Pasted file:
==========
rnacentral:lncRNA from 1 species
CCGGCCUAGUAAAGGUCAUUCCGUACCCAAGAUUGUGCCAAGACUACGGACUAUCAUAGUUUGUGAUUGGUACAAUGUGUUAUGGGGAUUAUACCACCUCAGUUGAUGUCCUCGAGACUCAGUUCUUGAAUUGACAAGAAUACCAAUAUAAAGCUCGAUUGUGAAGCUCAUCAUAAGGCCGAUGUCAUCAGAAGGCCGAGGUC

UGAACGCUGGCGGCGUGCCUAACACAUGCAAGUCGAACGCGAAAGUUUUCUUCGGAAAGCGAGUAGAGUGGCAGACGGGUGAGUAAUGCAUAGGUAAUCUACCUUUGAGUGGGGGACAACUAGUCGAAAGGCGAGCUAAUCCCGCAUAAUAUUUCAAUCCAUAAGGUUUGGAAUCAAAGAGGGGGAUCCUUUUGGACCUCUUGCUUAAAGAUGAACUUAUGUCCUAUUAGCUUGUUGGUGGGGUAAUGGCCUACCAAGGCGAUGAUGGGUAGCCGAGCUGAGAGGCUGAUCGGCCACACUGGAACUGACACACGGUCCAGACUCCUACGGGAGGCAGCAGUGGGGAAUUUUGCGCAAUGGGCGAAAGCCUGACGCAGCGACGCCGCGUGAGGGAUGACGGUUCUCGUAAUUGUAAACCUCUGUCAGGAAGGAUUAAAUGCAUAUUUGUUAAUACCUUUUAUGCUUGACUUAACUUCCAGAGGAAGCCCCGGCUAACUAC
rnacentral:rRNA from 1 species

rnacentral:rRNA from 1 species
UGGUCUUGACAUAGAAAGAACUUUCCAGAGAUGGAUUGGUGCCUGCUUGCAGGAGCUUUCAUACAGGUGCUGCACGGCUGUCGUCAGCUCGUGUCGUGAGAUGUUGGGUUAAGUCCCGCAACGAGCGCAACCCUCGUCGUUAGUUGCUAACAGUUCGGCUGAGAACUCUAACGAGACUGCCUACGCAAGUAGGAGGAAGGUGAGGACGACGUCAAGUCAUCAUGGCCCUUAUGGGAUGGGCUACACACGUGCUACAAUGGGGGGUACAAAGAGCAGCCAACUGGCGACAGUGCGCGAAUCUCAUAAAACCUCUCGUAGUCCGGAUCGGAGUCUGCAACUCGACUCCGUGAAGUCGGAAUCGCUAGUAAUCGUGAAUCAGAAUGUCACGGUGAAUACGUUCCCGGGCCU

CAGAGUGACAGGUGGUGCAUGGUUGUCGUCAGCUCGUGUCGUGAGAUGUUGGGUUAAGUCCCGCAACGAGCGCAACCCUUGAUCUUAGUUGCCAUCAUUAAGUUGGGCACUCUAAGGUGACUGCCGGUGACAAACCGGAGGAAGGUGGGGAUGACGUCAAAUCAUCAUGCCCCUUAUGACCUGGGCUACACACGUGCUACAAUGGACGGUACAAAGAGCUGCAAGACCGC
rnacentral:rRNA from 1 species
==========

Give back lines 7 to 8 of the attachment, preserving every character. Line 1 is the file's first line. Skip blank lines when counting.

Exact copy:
CAGAGUGACAGGUGGUGCAUGGUUGUCGUCAGCUCGUGUCGUGAGAUGUUGGGUUAAGUCCCGCAACGAGCGCAACCCUUGAUCUUAGUUGCCAUCAUUAAGUUGGGCACUCUAAGGUGACUGCCGGUGACAAACCGGAGGAAGGUGGGGAUGACGUCAAAUCAUCAUGCCCCUUAUGACCUGGGCUACACACGUGCUACAAUGGACGGUACAAAGAGCUGCAAGACCGC
rnacentral:rRNA from 1 species